I Spent 48 Hours in Dharamshala and Fell In Love with It. Here's My Story.


Located in Kangra Valley, Dharamshala is a town that is the seat of rich Buddhist and Tibetan culture. A town unlike any other in the plains, Dharamshala provides impressive, imposing views of the mighty snow-clad Dhauladhar ranges and is a must-visit. Here’s how I spent 48 hours in the magical town and came back more rejuvenated than ever before.

Day 1


Image credit: Saumiabee

Photo of Norbulingka institute, Sidhpur, Himachal Pradesh, India by Saumiabee

Image credit: Saumiabee

Photo of Norbulingka institute, Sidhpur, Himachal Pradesh, India by Saumiabee

Image credit: Wikimedia Commons

Photo of Gyuto Monastery, Gopalpur, Himachal Pradesh, India by Saumiabee

I started off my day with a trip to Norbulingka Institute, which is a centre created for the preservation of Tibetan art and culture. Norbulingka is a 20 minute drive away from Dharamshala and is a haven enveloped in the middle of the city. Norbulingka seems like another world all together. From its decorated gates to a beautifully manicured landscape, the institute is rife with Tibetan art, colourful prayer flags and chortens. Going on an empty stomach here was a brilliant decision, because Norling Cafe, the institute’s outdoor cafe, serves delicious continental food. As I walked along, immersing myself in its beauty, I joined a free guided tour that took me to a wood-carving workshop, weaving workshop and the Thangka painting workshop. The temple within the institute was especially peaceful and instantly transported me into a meditative mode. Visitors can stay at their Norling Guest House at the cost of ₹3000 and dine at their restaurant or opt for their buffet lunch.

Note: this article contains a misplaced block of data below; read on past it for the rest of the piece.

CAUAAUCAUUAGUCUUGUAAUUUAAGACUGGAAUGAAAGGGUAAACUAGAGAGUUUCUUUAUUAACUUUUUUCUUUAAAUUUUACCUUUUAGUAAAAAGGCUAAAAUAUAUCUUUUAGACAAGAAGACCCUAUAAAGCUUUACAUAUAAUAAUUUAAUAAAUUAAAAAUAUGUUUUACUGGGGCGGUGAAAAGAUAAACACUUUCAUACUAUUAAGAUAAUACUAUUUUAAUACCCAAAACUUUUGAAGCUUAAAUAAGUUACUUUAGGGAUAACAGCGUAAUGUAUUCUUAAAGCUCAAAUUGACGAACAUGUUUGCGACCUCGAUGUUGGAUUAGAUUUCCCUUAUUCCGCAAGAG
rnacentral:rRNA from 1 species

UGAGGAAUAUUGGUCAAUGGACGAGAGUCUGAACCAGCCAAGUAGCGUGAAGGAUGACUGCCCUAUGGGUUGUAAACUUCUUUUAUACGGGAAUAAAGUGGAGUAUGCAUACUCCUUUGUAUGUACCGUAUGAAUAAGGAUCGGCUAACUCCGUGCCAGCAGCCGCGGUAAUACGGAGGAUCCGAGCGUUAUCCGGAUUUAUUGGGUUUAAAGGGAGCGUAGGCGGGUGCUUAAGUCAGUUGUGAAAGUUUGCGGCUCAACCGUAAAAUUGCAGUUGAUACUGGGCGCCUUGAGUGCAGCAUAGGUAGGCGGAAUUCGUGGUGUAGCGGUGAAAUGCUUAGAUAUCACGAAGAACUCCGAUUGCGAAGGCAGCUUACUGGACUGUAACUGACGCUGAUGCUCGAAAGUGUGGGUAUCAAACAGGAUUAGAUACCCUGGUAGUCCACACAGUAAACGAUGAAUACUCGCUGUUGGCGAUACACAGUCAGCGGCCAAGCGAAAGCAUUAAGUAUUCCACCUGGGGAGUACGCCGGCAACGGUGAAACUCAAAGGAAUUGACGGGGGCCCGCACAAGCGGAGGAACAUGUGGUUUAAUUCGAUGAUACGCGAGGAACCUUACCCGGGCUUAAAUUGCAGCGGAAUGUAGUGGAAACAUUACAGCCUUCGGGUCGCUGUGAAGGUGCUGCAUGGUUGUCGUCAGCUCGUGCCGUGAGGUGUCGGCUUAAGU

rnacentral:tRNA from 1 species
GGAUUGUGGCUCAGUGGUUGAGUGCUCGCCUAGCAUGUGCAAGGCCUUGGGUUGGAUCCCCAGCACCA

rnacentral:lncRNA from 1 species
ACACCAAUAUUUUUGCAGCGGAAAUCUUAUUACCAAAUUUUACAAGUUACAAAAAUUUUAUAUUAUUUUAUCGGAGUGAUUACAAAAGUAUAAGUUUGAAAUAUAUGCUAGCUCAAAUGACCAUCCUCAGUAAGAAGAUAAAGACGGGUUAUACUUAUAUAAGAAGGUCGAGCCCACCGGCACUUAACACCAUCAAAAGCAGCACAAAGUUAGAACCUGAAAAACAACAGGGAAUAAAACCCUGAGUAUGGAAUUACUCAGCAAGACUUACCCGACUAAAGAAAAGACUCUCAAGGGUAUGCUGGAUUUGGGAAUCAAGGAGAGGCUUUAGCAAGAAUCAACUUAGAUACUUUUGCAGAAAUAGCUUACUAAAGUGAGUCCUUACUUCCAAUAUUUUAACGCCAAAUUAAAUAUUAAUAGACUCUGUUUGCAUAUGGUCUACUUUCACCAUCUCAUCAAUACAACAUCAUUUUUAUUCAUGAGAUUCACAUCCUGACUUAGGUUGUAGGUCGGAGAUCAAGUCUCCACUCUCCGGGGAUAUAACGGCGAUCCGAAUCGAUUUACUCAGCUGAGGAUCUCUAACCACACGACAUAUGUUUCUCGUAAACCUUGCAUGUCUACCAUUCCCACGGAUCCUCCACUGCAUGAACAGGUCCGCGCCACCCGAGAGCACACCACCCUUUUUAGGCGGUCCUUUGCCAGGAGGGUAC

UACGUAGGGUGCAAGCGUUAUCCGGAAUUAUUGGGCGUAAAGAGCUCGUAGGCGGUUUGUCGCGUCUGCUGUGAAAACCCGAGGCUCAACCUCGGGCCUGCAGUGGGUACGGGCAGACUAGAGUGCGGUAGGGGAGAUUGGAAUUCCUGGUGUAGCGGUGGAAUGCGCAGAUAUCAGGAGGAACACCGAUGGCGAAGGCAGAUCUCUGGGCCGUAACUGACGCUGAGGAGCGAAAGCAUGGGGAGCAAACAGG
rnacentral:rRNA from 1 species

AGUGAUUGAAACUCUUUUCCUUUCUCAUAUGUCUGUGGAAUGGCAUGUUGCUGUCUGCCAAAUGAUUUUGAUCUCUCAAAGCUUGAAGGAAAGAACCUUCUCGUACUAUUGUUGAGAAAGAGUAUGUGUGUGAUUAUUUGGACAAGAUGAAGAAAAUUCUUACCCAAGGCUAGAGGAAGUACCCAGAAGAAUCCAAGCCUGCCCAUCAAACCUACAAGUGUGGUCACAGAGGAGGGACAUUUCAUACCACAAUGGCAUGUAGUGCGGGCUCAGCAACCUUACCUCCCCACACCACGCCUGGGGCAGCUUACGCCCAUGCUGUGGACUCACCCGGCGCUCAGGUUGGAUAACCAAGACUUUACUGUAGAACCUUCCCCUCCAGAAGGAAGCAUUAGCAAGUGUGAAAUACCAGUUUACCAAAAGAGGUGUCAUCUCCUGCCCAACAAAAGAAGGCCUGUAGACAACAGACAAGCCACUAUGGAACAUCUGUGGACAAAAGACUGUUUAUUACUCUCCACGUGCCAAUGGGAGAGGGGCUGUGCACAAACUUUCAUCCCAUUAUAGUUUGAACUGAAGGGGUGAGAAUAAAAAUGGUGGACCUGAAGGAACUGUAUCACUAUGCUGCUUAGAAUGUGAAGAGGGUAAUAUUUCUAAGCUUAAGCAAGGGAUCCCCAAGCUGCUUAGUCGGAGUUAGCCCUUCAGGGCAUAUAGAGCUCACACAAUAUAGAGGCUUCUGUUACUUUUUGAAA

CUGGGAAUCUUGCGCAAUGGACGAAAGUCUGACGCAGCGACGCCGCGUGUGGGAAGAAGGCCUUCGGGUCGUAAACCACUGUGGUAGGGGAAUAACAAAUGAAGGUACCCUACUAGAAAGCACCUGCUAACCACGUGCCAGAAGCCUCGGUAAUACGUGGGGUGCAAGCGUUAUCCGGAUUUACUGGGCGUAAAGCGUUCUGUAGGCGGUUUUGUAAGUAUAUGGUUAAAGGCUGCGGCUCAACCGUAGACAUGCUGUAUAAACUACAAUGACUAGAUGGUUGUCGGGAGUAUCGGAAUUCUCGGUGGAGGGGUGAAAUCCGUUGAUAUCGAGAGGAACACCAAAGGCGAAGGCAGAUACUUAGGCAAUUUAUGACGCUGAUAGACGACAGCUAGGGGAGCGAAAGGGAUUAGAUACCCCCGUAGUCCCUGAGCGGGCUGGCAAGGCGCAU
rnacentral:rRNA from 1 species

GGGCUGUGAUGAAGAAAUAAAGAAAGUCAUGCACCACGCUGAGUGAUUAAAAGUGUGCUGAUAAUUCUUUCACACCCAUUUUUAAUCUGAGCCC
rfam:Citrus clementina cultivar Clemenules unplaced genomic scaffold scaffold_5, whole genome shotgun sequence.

I then headed to Gyuto Monastery which was a 10 minute drive from Norbulingka Institute. This is a massive monastery to which the Dhauladhar ranges form an enchanting backdrop. The monks here are said to practice tantric Buddhism. The temple within the monastery’s complex is renowned for its massive Buddha statue which is visited by believers from around the world.


I headed to my hotel for a short nap, lunch, and prepared myself for round 2 of sightseeing!


After covering a distance of 24km, I reached my next destination, the majestic Kangra Fort that has an equally impressive history. This is the oldest fort in India, and was once, also the largest before its eight-storied structure was destroyed by a massive earthquake. I took an audio-guide at the entrance and walked around the fort, listening to stories of various battles and conquests that were fought here. The fort was besieged 54 times, starting from Md. Gaznavi, then Alexander the Great, Jahangir and finally the British. The fort is also known for Maa Ambika Temple which is believed to be the oldest temple in India.


I spotted an unbelievably beautiful valley called Australian Valley from the top of Kangra Valley and decided to explore it. It was a delightful drive, with the river on one side, and lush green grasslands on the other.


After an entire day of delving into Tibetan culture and Kangra’s history, I decided it was time to unwind. So I headed to Blossoms Village Resort that has the only 24x7 rooftop bar and restaurant in all of Dharamshala. Luckily, there was a charity concert, an Indian classical instrumental evening was happening at the resort. It was a delight to sway to the soul-stirring sitar with the Dhauladhar sparkling in the full-moon light. A delicious dinner which was washed down with unique cocktails made for the perfect end to the day.

Day 2